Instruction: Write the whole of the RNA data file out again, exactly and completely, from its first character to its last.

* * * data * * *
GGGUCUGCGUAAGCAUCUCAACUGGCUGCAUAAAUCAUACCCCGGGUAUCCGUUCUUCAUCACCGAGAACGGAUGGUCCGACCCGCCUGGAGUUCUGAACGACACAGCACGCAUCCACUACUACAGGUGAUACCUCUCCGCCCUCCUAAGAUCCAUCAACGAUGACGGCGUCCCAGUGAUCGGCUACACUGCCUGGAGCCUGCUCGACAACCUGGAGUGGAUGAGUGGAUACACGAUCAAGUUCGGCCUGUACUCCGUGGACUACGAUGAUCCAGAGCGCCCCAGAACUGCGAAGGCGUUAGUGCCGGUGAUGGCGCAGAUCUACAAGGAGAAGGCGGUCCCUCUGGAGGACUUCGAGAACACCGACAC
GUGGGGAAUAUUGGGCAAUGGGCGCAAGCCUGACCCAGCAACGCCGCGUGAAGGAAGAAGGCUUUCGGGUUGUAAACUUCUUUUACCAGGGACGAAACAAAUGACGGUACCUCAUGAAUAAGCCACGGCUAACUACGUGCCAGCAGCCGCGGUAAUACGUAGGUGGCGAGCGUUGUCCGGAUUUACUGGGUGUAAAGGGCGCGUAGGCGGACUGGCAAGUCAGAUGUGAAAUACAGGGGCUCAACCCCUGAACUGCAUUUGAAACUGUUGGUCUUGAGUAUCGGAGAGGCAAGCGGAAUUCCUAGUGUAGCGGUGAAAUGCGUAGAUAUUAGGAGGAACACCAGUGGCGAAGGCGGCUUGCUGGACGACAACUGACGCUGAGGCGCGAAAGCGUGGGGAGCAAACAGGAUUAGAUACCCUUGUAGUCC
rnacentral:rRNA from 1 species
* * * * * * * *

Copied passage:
GGGUCUGCGUAAGCAUCUCAACUGGCUGCAUAAAUCAUACCCCGGGUAUCCGUUCUUCAUCACCGAGAACGGAUGGUCCGACCCGCCUGGAGUUCUGAACGACACAGCACGCAUCCACUACUACAGGUGAUACCUCUCCGCCCUCCUAAGAUCCAUCAACGAUGACGGCGUCCCAGUGAUCGGCUACACUGCCUGGAGCCUGCUCGACAACCUGGAGUGGAUGAGUGGAUACACGAUCAAGUUCGGCCUGUACUCCGUGGACUACGAUGAUCCAGAGCGCCCCAGAACUGCGAAGGCGUUAGUGCCGGUGAUGGCGCAGAUCUACAAGGAGAAGGCGGUCCCUCUGGAGGACUUCGAGAACACCGACAC
GUGGGGAAUAUUGGGCAAUGGGCGCAAGCCUGACCCAGCAACGCCGCGUGAAGGAAGAAGGCUUUCGGGUUGUAAACUUCUUUUACCAGGGACGAAACAAAUGACGGUACCUCAUGAAUAAGCCACGGCUAACUACGUGCCAGCAGCCGCGGUAAUACGUAGGUGGCGAGCGUUGUCCGGAUUUACUGGGUGUAAAGGGCGCGUAGGCGGACUGGCAAGUCAGAUGUGAAAUACAGGGGCUCAACCCCUGAACUGCAUUUGAAACUGUUGGUCUUGAGUAUCGGAGAGGCAAGCGGAAUUCCUAGUGUAGCGGUGAAAUGCGUAGAUAUUAGGAGGAACACCAGUGGCGAAGGCGGCUUGCUGGACGACAACUGACGCUGAGGCGCGAAAGCGUGGGGAGCAAACAGGAUUAGAUACCCUUGUAGUCC
rnacentral:rRNA from 1 species